ASUP Calls Off Strike Soon, COEASU Hopeful
Last updated on by Olusegun Fapohunda
AFTER Polytechnic students have lost an entire academic session, there seems to be a light at the end of the tunnel, as recent developments show that the Academic Staff Union of Polytechnics, ASUP might call off its nine-month- old strike soon.
Speaking to Vanguard Learning, the ASUP Zone D Chairman, Mr. Anderson Ezeibe opined that the intervention of the National Assembly has gone a long way in resolving some of the issues raised by the union. He said in a phone interview: “We are likely to have an emergency National Executive Committee meeting this week. Our dealings with the National Assembly have been fruitful so far. The committee on dichotomy is almost done and we are just waiting for the report. We are also waiting on a technical committee to be set up that will look into the remaining issues when the strike is over. The commencement of this committee will form part of the resolutions for the strike to be called off. We know that some of these issues cannot be resolved in a day, that is why we want this committee set up so that the issues are not swept under the carpet when the strike ends.”
It would be recalled that polytechnic lecturers have not been paid since March when the ‘no-work, no-pay’ policy was set in motion by the Federal Government. Ezeibe said: “Another issue we will consider at the NEC is the Federal Government’s commitment to pay the arrears of withheld salaries as well as the migration of those in the lower cadre to the CONTISS 15 salary scale. We hope to have these conditions in writing with the heads of relevant institutions appending their signatures. If this is done, we will take the conditions to the NEC, and the NEC will decide.”
For the Colleges of Education Academic Staff Union, COEASU, it seems like there might not be a shifting of grounds until June 24, when the union is set to meet with the National Assembly. The COEASU President, Mr. Emmanuel Nkoro told Vanguard Learning: “We have been called for a meeting with the National Assembly on June 24 to resolve the issues. I am quite optimistic about that meeting. I hope that we will receive an offer that we will be able to take back to pur people. We have spent a long time on this quagmire, and we hope that the issues will be resolved so that the strike can come to an end.”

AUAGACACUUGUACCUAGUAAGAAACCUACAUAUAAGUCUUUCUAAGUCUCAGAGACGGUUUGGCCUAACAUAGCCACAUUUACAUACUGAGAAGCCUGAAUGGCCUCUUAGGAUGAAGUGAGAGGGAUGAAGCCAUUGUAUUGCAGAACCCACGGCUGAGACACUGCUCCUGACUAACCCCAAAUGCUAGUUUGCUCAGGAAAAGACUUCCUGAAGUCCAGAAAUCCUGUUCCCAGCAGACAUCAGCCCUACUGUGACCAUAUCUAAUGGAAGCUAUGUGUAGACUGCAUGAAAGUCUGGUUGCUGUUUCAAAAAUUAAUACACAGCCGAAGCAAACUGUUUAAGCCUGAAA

Why the strikes?
The root cause of the strike is an agreement ASUP had with the Federal Government in 2001, which was reviewed in 2009 with an agreement that it should be re-negotiated after three years.
In December 2012, as a result of government’s failure to address any of the demands, ASUP issued government a 30-day ultimatum which expired on January 31, 2013.
Though ASUP had reasons to embark on strike in view of government’s repeated failure to address its demands, it decided to give government more time to respond; a response that never came. This compelled the union to issue another 21-day ultimatum on March 25, 2013 which expired on April 22, 2013 and was followed by the declaration of a one-week warning strike which dovetailed into an indefinite strike beginning Monday, April, 29, 2013.
ASUP suspended the strike in July 2013 as a result of Government’s promise to fulfill four of the 13 issues in the contentious 2009 agreement between both parties.
These four issues include release of the White paper on Visitation to Federal Polytechnics, the completion of the constitution of the governing councils for federal polytechnics, the migration of the lower cadre to CONTISS 15 salary scale, and the commencement of the Needs Assessment of Nigerian Polytechnics.
The union suspended the strike,and gave Government a one month time frame to resolve the issues. But it was not until ASUP resumed its strike in January that the Federal Government commenced Needs Assessment and completed the constitution of the governing councils for federal polytechnics.
COEASU on the other hand, is fighting for the first issue which is the non-implementation of Peculiar Academic Allowance to the tune of N5.6bn, imposition of integrated IPPIS, inadequate funding of the teaching practice, non- accreditation of NCE programmes, non-release of Whitepaper on Visitation Panel Reports 2011, non-implementation of CONPCASS in some states, non-institution of dual mode which allows colleges of education the autonomy to award degrees in core education courses to run concurrently with the NCE programmes among others.” (Vanguard)
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